The Grand Rapids Griffins Fight for a Spot in the NHL Playoffs

Mar 25 • Featured Blogs, NHL • 13864 Views • No Comments

Nearly two weeks ago, the Detroit Red Wings didn’t occupy a playoff spot and the Maple Leafs were fighting for second place in the Atlantic Division. As of this morning, the Red Wings hold the first wild card in the Eastern Conference, the Leafs hold the second, and the Red Wings have two games in hand. This is somewhat incredible for a number of reasons.

I won’t labor on the Leafs side of it, because their fans are sure to do plenty of that this week. How about them Wings though? The Red Wings have lost over 340 man games to injury and illness this year. That’s second in the NHL. They’ve been without Henrik Zetterberg now for over a month. Pavel Datsyuk has played approximately four games in the last two and a half months. Jimmy Howard has missed an inordinate amount of games over the course of the season. Niklas Kronwall has too. As I write this, in addition to Zetterberg and Datsyuk, Justin Abdelkader and Jonathan Ericsson are out injured, and Darren Helm has just returned. These aren’t simply Red Wings; they’re pretty much the best Red Wings. Injured players need to be replaced, sure, but some players are irreplaceable.

Given the current state of affairs in Hockeytown, it wouldn’t be surprising to see the Red Wings run of 22 playoff appearances in a row finally came to an end this season. They have every excuse. For example, eleven of their current starters (including emerging sniper Gustav Nyquist, pictured above) played for the Grand Rapids Griffins last year. Right now, the Red Wings have more Grand Rapids Griffins starters on their team than the Grand Rapids Griffins do.

Despite The Streak, which is every Detroit fan’s pride and primary source of cheering motivation right now, it’s tough to imagine that the young Red Wings stand-ins are playing for anyone other than themselves at the moment. Several of them played their first NHL game this season. A few of them played their first in the last two or three months. At the outset, this was an opportunity–an enormous opportunity–to show the NHL decision-makers their stuff. Understandably, it’d be difficult for the Griffins to concentrate on much else. As time wore on and the Red Wings injury situation got worse, these young replacements got to play more and more as a unit under coach Babcock, wearing Red Wings uniforms, and with older, seasoned NHLers cheering them on. At some point, it must all have started to be a heck of a lot of fun. They’re gelling, and they’re competing successfully in the NHL against the likes of Phil Kessel, Evgeni Malkin, Sidney Crosby, and Ilya Bryzgalov.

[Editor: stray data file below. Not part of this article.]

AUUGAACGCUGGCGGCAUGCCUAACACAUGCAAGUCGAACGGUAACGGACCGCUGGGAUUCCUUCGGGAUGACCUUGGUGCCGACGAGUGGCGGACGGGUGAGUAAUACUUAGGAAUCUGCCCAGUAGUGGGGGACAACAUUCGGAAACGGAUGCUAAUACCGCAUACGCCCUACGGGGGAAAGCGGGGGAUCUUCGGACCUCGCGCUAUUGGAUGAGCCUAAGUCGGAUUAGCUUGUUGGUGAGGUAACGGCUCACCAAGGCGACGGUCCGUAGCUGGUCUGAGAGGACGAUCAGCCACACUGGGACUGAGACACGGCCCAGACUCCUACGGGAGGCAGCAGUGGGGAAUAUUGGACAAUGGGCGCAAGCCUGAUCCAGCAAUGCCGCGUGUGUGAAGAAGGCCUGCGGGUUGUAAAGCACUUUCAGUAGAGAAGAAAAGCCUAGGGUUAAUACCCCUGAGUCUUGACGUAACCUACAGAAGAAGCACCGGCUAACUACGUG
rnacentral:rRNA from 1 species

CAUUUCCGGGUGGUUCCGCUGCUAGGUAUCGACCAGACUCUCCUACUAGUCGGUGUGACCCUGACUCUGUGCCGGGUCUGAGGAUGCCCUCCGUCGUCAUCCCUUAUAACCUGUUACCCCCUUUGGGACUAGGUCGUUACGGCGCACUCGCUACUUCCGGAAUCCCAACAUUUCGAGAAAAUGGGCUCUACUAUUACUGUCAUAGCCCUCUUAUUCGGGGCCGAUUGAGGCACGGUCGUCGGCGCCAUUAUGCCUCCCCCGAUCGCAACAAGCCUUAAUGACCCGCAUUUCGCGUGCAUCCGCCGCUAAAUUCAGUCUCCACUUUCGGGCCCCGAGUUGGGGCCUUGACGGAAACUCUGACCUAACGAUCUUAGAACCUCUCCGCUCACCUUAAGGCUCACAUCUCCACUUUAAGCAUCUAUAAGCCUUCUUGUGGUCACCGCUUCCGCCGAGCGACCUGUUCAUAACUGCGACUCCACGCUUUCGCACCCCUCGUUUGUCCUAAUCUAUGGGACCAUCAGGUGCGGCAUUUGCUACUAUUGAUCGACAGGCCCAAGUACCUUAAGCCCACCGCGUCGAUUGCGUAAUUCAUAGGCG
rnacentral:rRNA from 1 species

I’m sure this huge opportunity, coupled with how exciting it must feel to be succeeding together at the NHL level, has overshadowed The Streak. The Streak by the way has involved five NHL head coaches, two legendary NHL captains, many current and future hall of famers, and countless octopi. Through The Streak the Red Wings amassed fourteen division titles, six President’s Trophies, and four Stanley Cups. Nonetheless, I couldn’t blame these stand-ins for not feeling all of that–for instead being motivated by other, more personal things. The eldest of them was only two the last time the Red Wings missed the playoffs. They’ve never known an NHL Playoff tournament without the Red Wings. They’ve never known hard luck Red Wings teams like the ones that existed in the years leading up to the Yzerman era.

For whatever reason though, for now at least, these kids–along with the Red Wings who’ve been able to put together healthy games here and there–appear to be getting this done. And as long as they are, who cares what their motivation is. They might just be helping to write another year of Red Wings playoff history, and in doing so, solidifying their own Red Wings futures.

We’ll find out over the course of the next couple of weeks or so, but the Grand Rapids Griffins might be carving out a spot for themselves in the NHL Playoffs … in disguise.

The Madman

(photo credited to lapresse.ca)

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